Malawi’s demand for energy to be doubled by 2015 -Minister

Malawi’s demand for energy has been projected at 750 megawatts by 2015 and more than 1000 megawatts by 2020, Minister of Energy Ibrahim Matola said.

Speaking during the 2nd International Power Conference  sponsored by Standard Bank held in the capital Lilongwe on Tuesday, he said, the demand is coming from various potential mining and other investments activities which are stranded because of lack of power.

“Electricity remains the key to economic growth and development of any economy. Industrial, domestic and social sectors need reliable and affordable electricity all the time yet for our country electricity supply problems still do exist mostly because they are structural in nature and need reforms,” he said.

Currently the power generation capacity in Malawi is at 287 megawatts while the peak demand is estimated at 350 megawatts at is still growing.

Matola: More energy demand
Matola: More energy demand

He added that Malawi is rich in various sources of power such as hydro, thermo, solar and wind but for several years it has been unable to exploit thereby experiencing a deficit in electric power as demand for it exceeds its supply.

The country will add 64 megawatts to the installed capacity and significantly reduce the capacity deficits following the completion and commissioning of Kapichira II in December.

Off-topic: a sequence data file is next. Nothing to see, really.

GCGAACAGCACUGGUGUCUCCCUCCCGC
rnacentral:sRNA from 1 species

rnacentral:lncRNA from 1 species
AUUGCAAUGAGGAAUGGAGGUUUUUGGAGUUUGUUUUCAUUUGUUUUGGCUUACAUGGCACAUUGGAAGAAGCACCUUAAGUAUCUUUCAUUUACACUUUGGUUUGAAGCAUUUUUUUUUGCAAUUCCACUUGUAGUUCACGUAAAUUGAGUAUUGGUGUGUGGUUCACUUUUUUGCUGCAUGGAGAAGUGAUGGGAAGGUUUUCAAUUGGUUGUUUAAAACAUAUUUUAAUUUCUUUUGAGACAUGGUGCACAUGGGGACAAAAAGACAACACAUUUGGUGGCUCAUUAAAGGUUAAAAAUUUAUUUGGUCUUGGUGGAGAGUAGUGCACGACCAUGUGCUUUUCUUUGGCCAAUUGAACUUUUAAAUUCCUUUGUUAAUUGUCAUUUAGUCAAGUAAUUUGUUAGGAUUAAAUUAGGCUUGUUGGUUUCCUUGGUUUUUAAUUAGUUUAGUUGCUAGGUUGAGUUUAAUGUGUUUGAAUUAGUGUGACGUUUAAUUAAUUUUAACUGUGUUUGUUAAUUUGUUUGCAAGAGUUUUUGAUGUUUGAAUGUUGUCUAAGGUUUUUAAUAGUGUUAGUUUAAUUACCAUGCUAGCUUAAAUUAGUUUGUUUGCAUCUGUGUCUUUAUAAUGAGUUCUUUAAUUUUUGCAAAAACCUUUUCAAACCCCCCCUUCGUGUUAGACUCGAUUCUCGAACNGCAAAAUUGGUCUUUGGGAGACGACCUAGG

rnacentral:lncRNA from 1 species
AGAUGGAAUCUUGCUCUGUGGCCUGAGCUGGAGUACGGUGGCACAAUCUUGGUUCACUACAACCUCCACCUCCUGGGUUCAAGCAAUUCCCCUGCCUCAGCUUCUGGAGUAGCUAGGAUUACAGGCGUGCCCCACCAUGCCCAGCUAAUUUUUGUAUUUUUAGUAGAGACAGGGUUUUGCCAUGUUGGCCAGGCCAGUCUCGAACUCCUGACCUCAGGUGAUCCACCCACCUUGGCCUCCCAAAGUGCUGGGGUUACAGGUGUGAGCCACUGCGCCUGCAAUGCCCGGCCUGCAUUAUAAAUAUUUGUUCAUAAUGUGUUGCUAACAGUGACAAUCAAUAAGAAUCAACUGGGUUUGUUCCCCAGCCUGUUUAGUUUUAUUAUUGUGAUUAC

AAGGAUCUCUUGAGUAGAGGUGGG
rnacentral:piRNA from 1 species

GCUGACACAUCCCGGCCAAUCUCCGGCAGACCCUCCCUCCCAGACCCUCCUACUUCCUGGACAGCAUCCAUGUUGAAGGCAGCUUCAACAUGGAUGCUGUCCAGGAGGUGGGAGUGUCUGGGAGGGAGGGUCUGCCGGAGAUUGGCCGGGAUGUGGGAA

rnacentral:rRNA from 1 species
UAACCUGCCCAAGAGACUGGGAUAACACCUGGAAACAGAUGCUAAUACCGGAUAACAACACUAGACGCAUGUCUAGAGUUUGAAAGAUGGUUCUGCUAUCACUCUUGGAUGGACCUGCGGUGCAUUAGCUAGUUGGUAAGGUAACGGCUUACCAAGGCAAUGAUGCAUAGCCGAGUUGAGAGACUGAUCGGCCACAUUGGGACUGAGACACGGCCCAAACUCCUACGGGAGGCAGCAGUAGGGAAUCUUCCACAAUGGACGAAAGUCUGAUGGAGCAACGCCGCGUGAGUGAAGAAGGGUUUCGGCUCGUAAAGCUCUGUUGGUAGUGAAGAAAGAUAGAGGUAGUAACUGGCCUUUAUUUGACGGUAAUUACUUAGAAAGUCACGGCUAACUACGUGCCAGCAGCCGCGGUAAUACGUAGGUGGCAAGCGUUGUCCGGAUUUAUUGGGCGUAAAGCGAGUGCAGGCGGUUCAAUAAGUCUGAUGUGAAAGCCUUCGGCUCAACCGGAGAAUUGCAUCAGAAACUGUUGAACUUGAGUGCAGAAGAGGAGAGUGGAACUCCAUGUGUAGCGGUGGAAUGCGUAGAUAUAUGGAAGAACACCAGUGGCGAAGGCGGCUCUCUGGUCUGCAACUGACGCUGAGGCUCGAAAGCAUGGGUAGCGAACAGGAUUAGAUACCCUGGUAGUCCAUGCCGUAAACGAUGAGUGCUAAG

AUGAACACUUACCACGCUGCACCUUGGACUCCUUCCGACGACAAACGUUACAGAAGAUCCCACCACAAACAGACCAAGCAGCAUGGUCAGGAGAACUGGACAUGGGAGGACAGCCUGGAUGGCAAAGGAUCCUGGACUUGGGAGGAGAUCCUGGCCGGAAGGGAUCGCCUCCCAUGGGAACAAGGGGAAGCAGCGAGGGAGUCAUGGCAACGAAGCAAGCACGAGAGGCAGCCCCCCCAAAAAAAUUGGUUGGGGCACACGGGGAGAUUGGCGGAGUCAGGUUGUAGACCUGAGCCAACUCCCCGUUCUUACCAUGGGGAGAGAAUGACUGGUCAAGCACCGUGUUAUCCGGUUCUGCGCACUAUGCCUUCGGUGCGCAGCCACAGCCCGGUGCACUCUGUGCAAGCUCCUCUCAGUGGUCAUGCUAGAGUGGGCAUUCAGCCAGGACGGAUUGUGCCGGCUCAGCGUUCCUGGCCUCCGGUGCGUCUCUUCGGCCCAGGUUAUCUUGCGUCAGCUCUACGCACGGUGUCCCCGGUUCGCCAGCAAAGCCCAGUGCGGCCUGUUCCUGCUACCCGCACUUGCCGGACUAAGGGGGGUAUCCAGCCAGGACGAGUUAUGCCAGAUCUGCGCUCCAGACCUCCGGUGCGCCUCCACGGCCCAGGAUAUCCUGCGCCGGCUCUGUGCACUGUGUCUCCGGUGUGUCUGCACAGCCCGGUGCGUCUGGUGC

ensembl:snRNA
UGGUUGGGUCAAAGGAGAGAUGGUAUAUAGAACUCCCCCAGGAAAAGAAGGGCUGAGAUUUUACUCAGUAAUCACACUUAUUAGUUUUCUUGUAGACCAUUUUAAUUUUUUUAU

“The fact that no other plant is currenlty under construction, this means that in the next four to five years  our capacity will remain at 351 megawatts. We need an energy sector investment that ensures that we increase capacity every five years,” he observed.

The Minister said it is imperative that Malawi strives to speed up key generation and transmission projects that will enable Malawians to enjoy adequate power supply.

African Development Bank (AfDB) Country Manager Andrew Mwawa said  lack of reliable and affordable power supply remains a key binding constraint for economic and social development in Malawi.

“We need not to be reminded of the challenges we face in the power sector and the implications for the expanded economic activity,”he said.

In the financing of power operations, he said, AfDB is financing Kholombidzo Hydro-electric power plant, plan to cofinance the regional Malawi-Mozambique Power Interconnection project, supporting studies for Songwe River Basin Hydro Plant between Malawi and Tanzania which will connect to Southern Africa Power Pool (SAPP) and the East African Network respectively thereby facilitating the goal of regional intergration.

The bank is also planning to support initiatives in the renewable energy and also considering possibilities to finance independent power producers.

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